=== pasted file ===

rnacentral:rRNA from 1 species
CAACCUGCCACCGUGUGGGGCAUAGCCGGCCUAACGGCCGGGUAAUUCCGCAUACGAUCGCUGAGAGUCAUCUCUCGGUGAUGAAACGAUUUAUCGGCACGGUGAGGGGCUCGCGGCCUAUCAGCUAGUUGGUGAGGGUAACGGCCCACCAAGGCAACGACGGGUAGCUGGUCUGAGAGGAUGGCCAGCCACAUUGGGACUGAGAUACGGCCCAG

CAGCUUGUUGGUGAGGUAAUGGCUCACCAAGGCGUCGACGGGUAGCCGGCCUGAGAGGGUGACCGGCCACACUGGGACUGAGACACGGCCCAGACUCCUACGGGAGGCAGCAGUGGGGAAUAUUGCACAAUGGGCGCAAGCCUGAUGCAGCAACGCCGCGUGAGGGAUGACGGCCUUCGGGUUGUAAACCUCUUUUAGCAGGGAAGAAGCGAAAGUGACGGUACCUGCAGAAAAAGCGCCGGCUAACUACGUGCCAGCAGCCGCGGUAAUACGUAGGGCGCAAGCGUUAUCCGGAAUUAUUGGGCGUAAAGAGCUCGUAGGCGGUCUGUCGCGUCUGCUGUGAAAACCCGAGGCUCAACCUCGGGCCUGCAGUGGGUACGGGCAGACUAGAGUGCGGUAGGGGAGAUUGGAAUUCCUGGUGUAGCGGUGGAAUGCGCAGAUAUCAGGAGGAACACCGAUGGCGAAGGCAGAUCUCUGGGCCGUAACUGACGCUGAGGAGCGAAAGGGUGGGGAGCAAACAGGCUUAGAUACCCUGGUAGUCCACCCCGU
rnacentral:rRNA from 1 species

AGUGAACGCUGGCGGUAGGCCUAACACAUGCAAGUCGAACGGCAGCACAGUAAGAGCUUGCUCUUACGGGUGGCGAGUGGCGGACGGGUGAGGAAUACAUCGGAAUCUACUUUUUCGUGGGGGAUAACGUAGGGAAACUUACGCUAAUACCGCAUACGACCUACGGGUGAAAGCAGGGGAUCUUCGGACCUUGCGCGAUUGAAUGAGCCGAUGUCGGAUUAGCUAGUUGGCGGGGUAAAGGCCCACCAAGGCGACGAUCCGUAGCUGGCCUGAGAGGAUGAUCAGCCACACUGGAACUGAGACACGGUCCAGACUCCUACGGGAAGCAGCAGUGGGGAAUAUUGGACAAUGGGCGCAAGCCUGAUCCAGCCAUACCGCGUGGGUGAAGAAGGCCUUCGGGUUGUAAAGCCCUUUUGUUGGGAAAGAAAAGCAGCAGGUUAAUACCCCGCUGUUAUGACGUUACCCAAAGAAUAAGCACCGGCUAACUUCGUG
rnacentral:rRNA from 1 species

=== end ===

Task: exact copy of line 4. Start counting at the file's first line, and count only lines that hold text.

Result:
rnacentral:rRNA from 1 species